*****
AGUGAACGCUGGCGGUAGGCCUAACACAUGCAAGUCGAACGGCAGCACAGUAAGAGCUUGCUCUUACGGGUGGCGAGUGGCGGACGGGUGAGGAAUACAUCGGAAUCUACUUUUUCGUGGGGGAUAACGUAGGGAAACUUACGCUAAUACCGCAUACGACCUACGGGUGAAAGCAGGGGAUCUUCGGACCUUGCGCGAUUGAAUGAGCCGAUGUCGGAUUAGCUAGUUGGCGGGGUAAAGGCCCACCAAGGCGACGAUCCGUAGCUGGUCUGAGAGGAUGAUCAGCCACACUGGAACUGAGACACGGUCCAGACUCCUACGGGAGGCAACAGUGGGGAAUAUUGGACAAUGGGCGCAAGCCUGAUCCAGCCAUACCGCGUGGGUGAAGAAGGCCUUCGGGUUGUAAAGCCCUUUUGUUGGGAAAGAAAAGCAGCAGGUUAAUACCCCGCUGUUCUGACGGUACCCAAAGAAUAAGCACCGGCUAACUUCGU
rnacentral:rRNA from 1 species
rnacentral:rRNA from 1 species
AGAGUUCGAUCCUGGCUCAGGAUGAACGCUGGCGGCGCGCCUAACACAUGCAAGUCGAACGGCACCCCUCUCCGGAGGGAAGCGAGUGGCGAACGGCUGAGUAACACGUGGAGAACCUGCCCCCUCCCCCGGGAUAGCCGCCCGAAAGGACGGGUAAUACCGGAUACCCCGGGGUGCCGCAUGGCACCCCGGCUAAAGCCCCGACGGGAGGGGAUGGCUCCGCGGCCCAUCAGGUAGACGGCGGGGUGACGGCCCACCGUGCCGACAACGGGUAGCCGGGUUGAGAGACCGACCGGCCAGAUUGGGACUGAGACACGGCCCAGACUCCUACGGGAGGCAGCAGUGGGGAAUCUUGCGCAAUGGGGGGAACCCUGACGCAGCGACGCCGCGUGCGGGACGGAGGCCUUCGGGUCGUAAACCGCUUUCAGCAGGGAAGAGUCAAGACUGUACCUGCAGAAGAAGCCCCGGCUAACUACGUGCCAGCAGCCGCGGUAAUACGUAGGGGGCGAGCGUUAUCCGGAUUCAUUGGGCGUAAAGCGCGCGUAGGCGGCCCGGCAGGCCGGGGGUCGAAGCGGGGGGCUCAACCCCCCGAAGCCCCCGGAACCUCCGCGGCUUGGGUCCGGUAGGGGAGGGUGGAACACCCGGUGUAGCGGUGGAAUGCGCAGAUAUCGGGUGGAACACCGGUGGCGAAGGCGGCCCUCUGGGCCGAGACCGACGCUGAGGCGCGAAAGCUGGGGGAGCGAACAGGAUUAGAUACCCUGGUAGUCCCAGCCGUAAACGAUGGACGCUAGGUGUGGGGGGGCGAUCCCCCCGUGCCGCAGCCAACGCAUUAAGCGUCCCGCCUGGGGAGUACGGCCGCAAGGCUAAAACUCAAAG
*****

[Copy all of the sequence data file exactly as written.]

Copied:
AGUGAACGCUGGCGGUAGGCCUAACACAUGCAAGUCGAACGGCAGCACAGUAAGAGCUUGCUCUUACGGGUGGCGAGUGGCGGACGGGUGAGGAAUACAUCGGAAUCUACUUUUUCGUGGGGGAUAACGUAGGGAAACUUACGCUAAUACCGCAUACGACCUACGGGUGAAAGCAGGGGAUCUUCGGACCUUGCGCGAUUGAAUGAGCCGAUGUCGGAUUAGCUAGUUGGCGGGGUAAAGGCCCACCAAGGCGACGAUCCGUAGCUGGUCUGAGAGGAUGAUCAGCCACACUGGAACUGAGACACGGUCCAGACUCCUACGGGAGGCAACAGUGGGGAAUAUUGGACAAUGGGCGCAAGCCUGAUCCAGCCAUACCGCGUGGGUGAAGAAGGCCUUCGGGUUGUAAAGCCCUUUUGUUGGGAAAGAAAAGCAGCAGGUUAAUACCCCGCUGUUCUGACGGUACCCAAAGAAUAAGCACCGGCUAACUUCGU
rnacentral:rRNA from 1 species
rnacentral:rRNA from 1 species
AGAGUUCGAUCCUGGCUCAGGAUGAACGCUGGCGGCGCGCCUAACACAUGCAAGUCGAACGGCACCCCUCUCCGGAGGGAAGCGAGUGGCGAACGGCUGAGUAACACGUGGAGAACCUGCCCCCUCCCCCGGGAUAGCCGCCCGAAAGGACGGGUAAUACCGGAUACCCCGGGGUGCCGCAUGGCACCCCGGCUAAAGCCCCGACGGGAGGGGAUGGCUCCGCGGCCCAUCAGGUAGACGGCGGGGUGACGGCCCACCGUGCCGACAACGGGUAGCCGGGUUGAGAGACCGACCGGCCAGAUUGGGACUGAGACACGGCCCAGACUCCUACGGGAGGCAGCAGUGGGGAAUCUUGCGCAAUGGGGGGAACCCUGACGCAGCGACGCCGCGUGCGGGACGGAGGCCUUCGGGUCGUAAACCGCUUUCAGCAGGGAAGAGUCAAGACUGUACCUGCAGAAGAAGCCCCGGCUAACUACGUGCCAGCAGCCGCGGUAAUACGUAGGGGGCGAGCGUUAUCCGGAUUCAUUGGGCGUAAAGCGCGCGUAGGCGGCCCGGCAGGCCGGGGGUCGAAGCGGGGGGCUCAACCCCCCGAAGCCCCCGGAACCUCCGCGGCUUGGGUCCGGUAGGGGAGGGUGGAACACCCGGUGUAGCGGUGGAAUGCGCAGAUAUCGGGUGGAACACCGGUGGCGAAGGCGGCCCUCUGGGCCGAGACCGACGCUGAGGCGCGAAAGCUGGGGGAGCGAACAGGAUUAGAUACCCUGGUAGUCCCAGCCGUAAACGAUGGACGCUAGGUGUGGGGGGGCGAUCCCCCCGUGCCGCAGCCAACGCAUUAAGCGUCCCGCCUGGGGAGUACGGCCGCAAGGCUAAAACUCAAAG